At this point, Swamiji said, “If Amma doesn’t wish to stay in the new room, She may stay in Her old one.” Amma went to the room where She had stayed the year before.
The devotees, who had never seen Amma in such a mood before, were taken aback. Some felt guilty, for they had been instrumental in building the new room. Others were very upset. But all were wonderstruck by Amma’s integrity and humility.
Why did Amma reject this token of love? Was it wrong to offer our best to our Guru? After all, She deserves nothing less than the best. Why could Amma not just accept the room? Is She not revered as the Satguru and Divine Mother by millions all over the world? Who would question Her right to stay in such a room?
In the Gita, Sri Krishna says,
yad yad ācarati śreṣṭhas tat tad evetaro janaḥ
sa yat pramāṇaṁ kurute lokas tad anuvartate
Whatever the superior person does, that is also followed by others; what standard he or she demonstrates by action, people follow that. (3.21)
Amma’s actions are so charismatic that we automatically start imitating Her. Many of us prostrate before we sit on the floor, or salute the book we are reading by raising it to our foreheads. Some of us even call others monay (son) or molay (daughter), just like Amma. Everything about Amma is so irresistible that if She were to live a luxurious life, we would likely want to do the same.
But marble or cement floors make no difference to Amma. She is untouched either by luxury or simplicity.
As Sri Shankaracharya states,
yogarato vābhogaratovā sangarato vā sangavihīnaḥ
yasya brahmaṇi ramate cittaṁ nandati nandati nandatyeva
“Whether immersed in yoga (spiritual union) or bhoga (worldly enjoyment), in companionship or in solitude, the one whose mind dwells in Brahman enjoys bliss.” – Bhaja Govindam, verse 19
Although the outer environment makes no difference to Amma, the principle does.
That evening, Amma went for a house visit. When She returned, hundreds of devotees gathered around Her car. They said, “Amma, please forgive us and stay in the new room! We did it out of ignorance. We will not repeat such a mistake again.” A few ladies started crying, but Amma was not moved.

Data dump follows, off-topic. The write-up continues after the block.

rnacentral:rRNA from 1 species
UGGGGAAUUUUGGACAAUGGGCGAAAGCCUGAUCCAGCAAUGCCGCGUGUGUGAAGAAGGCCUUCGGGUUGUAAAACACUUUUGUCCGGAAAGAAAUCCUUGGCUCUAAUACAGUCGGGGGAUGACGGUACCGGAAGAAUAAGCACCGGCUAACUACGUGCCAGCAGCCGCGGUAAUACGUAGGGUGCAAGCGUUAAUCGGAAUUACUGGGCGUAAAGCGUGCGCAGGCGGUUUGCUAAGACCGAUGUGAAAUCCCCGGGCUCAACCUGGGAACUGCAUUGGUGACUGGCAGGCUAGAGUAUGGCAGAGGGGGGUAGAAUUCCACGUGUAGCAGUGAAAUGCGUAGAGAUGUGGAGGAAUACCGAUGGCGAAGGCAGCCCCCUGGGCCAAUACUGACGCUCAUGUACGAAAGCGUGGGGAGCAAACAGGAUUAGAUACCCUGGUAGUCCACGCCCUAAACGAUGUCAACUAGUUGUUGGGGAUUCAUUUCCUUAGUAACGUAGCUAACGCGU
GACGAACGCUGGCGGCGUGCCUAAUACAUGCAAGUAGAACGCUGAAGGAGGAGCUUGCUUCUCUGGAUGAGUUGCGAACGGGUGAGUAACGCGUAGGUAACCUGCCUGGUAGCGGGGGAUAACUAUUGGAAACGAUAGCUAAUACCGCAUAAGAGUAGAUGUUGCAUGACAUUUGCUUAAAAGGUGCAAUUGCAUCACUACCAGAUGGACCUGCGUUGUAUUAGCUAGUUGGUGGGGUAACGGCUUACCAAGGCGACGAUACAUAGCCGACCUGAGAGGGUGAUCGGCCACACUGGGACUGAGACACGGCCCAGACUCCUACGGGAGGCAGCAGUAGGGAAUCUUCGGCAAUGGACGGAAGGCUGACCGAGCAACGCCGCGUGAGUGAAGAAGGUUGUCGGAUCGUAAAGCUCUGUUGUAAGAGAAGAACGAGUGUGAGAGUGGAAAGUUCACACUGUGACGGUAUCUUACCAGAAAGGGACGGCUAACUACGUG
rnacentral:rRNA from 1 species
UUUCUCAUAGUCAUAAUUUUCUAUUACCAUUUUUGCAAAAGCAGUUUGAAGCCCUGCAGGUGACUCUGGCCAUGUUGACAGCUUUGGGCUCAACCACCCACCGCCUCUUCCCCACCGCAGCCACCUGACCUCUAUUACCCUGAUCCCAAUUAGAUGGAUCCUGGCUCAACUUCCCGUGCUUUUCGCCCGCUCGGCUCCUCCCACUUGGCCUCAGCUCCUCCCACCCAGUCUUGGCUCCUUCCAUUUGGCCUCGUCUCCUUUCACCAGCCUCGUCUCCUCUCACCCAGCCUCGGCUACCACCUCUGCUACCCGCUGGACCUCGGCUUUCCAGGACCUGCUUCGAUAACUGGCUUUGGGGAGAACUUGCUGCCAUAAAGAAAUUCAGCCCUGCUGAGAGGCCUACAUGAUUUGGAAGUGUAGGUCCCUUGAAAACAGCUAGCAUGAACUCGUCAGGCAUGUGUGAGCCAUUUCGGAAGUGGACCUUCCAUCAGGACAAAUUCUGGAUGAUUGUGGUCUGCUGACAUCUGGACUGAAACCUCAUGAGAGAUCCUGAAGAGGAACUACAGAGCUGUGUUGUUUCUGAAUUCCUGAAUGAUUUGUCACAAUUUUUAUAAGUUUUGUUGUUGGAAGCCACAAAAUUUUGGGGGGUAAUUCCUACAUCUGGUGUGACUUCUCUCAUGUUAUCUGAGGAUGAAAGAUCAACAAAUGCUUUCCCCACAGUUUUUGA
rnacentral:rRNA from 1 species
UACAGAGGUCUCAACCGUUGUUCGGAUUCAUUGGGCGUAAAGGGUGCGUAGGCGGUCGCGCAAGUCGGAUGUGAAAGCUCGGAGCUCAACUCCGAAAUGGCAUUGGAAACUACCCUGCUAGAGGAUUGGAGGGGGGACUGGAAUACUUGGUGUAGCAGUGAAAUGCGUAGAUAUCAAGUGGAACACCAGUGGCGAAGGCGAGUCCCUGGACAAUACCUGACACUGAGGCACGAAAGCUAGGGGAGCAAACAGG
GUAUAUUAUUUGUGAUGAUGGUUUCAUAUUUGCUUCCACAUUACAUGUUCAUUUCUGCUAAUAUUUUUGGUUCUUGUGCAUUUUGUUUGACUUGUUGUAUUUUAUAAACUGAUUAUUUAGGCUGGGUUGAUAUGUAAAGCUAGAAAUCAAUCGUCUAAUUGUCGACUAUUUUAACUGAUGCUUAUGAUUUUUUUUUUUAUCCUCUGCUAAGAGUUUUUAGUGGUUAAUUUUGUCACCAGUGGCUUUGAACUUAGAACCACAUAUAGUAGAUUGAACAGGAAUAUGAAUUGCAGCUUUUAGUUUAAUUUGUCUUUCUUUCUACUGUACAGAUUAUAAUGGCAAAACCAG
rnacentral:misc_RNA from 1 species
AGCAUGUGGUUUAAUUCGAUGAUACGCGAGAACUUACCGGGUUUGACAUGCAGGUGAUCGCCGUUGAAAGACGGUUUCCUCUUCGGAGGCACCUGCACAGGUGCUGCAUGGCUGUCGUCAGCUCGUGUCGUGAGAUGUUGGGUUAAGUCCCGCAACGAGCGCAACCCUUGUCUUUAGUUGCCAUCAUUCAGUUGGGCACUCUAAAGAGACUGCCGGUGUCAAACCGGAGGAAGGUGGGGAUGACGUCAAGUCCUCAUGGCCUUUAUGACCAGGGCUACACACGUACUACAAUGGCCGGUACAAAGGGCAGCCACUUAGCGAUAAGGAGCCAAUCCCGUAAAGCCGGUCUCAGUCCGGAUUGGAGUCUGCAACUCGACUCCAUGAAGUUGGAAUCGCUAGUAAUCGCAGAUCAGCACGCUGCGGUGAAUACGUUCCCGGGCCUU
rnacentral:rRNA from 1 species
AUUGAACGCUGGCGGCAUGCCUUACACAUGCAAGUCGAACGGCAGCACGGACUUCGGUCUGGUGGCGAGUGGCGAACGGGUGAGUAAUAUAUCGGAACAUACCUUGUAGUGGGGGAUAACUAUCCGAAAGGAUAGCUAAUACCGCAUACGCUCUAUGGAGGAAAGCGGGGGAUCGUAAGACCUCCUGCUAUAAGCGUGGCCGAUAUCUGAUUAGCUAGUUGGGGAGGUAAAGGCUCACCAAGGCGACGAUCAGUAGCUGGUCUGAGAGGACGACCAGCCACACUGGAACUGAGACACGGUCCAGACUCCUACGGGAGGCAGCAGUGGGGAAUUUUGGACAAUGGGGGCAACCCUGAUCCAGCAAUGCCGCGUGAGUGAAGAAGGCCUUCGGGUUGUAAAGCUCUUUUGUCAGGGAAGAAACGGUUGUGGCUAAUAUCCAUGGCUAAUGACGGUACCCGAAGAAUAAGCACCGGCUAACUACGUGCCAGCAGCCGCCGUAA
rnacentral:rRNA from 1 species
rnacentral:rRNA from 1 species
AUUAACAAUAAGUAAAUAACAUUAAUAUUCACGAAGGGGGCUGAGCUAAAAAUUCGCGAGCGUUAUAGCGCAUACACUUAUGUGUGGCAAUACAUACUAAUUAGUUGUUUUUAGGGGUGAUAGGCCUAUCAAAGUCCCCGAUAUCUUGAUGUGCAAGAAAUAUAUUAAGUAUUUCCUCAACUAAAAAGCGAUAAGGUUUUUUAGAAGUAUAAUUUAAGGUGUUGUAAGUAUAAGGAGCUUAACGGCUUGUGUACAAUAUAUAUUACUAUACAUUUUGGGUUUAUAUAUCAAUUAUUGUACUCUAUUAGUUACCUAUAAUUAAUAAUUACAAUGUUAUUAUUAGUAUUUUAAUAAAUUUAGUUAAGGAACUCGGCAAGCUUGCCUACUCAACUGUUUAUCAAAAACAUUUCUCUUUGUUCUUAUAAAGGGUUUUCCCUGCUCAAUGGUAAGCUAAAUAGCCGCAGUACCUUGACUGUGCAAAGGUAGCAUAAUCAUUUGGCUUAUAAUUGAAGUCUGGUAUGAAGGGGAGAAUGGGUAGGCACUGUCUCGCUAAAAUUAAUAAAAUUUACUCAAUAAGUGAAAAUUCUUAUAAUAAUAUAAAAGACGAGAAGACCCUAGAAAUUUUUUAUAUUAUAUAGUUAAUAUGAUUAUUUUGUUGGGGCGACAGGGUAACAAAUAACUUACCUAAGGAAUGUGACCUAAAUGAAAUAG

One devotee tried to use logic. He said, “All the money spent in building the room will be wasted if You does not stay in it. Nobody will use it in the future.” She replied, “Rent it out! Use the money to help the poor. Amma has met many people who can’t meet their medical expenses. In Bharat (India), so many people die because of this. Suppose a man with a life expectancy of eighty years dies at the age of forty because he can’t afford medical care. Can we deny our responsibility for the loss of those forty years? Money wasted on luxuries can be used to save lives.” Amma’s rejoinder was clear and stern.The devotee accepted defeat.
Then Amma started walking towards Her old room. But before entering, She turned to look at the faces of Her devotees. Suddenly there was a change in Her expression. She melted in love and compassion. She was so beautiful. In a soft voice, She said, “Yes,” and started moving towards Her new room. The tension abruptly gave way to relief and joy. The devotees loudly expressed their gratitude Her.
Amma is a perfect acharya (preceptor). Only such a person can truly inspire spiritual seekers.
If a black smith’s mould is imperfect, the defects will only get reproduced. Mahatmas are like the self-effulgent sun, whose very presence is enough to dispel darkness.
May all of us be inspired to walk in the path of our beloved Amma.